In last Sunday’s sermon, Rev Dr Edmund Fong spoke of the dangers faced by the Galatian church—specifically the Christ-plus gospel. Judaisers attempted to distort and pervert the gospel of grace through their insistence on the need for circumcision for one to be saved. With its focus on human effort, the Christ-plus gospel is really a gospel emptied of the grace of Christ.
He went on to highlight some dangerous versions of the gospel we face today, one of which is the influx of consumerism into the church, which is aggravated by individualism. One version of such a gospel may be this: “God created the world and He desires for us to be in a relationship with Him. But due to man’s disobedience and sin, we are separated eternally from the holy God. Out of His love for us, God sent his son Jesus to die on the cross for our sins so that we can be reconciled to Him. If we believe in Christ and his atoning work, we will be granted salvation and eternal life as our relationship with God is restored.”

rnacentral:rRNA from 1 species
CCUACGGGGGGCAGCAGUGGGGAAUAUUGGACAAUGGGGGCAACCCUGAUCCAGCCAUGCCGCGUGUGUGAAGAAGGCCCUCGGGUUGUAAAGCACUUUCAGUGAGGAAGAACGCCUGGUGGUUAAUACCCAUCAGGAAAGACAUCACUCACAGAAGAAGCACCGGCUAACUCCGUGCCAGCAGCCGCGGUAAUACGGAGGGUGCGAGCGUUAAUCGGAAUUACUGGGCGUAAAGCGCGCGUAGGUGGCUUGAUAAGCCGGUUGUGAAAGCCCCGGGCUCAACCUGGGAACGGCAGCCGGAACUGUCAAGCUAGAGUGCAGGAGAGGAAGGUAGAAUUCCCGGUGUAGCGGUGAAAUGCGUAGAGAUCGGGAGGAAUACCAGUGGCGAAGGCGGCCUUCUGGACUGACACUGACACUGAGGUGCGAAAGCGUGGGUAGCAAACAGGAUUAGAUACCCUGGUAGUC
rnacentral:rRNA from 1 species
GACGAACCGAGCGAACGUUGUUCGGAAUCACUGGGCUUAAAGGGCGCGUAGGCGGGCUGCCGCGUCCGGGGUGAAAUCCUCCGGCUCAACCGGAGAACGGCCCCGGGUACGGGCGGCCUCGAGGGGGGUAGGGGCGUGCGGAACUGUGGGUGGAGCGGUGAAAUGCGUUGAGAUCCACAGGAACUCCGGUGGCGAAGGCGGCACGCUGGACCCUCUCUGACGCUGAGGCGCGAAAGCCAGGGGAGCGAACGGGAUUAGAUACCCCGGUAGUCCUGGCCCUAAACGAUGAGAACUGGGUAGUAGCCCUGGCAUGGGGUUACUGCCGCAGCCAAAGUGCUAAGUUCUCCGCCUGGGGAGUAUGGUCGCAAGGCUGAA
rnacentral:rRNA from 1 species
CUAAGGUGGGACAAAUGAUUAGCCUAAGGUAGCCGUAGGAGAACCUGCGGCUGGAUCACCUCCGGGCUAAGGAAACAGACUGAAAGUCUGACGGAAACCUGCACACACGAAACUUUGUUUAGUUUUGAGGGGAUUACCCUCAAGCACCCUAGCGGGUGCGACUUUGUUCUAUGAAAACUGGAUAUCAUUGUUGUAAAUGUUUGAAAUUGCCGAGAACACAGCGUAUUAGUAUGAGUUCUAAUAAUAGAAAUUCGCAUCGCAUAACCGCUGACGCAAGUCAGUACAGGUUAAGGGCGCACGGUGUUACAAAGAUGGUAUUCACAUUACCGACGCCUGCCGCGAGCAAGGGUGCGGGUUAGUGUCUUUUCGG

The presentation of the gospel in this way sounds right, but it is incomplete and can potentially be a distorted gospel! How so? In this account, the Christian goal is perceived to be met the moment one believes in Jesus. One can almost hear this, “I put my faith in Christ, and in exchange, He grants me salvation and eternal life. It is now time to move on to other important things in life even as I come to worship once a week as part of the deal between Christ and me.”
Such a gospel not only relegates spiritual growth and service to something optional but also says nothing about the role the gospel ought to play in our daily lives. Is this the true gospel of Jesus Christ? No! The gospel involves discipleship here on Earth—knowing Christ and following him (John 17:3).
1 John 2:3-6 tells us that whoever knows Christ will keep his commands and “walk in the same way in which he walked” (ESV 1 John 2:6b). Let us abide in him.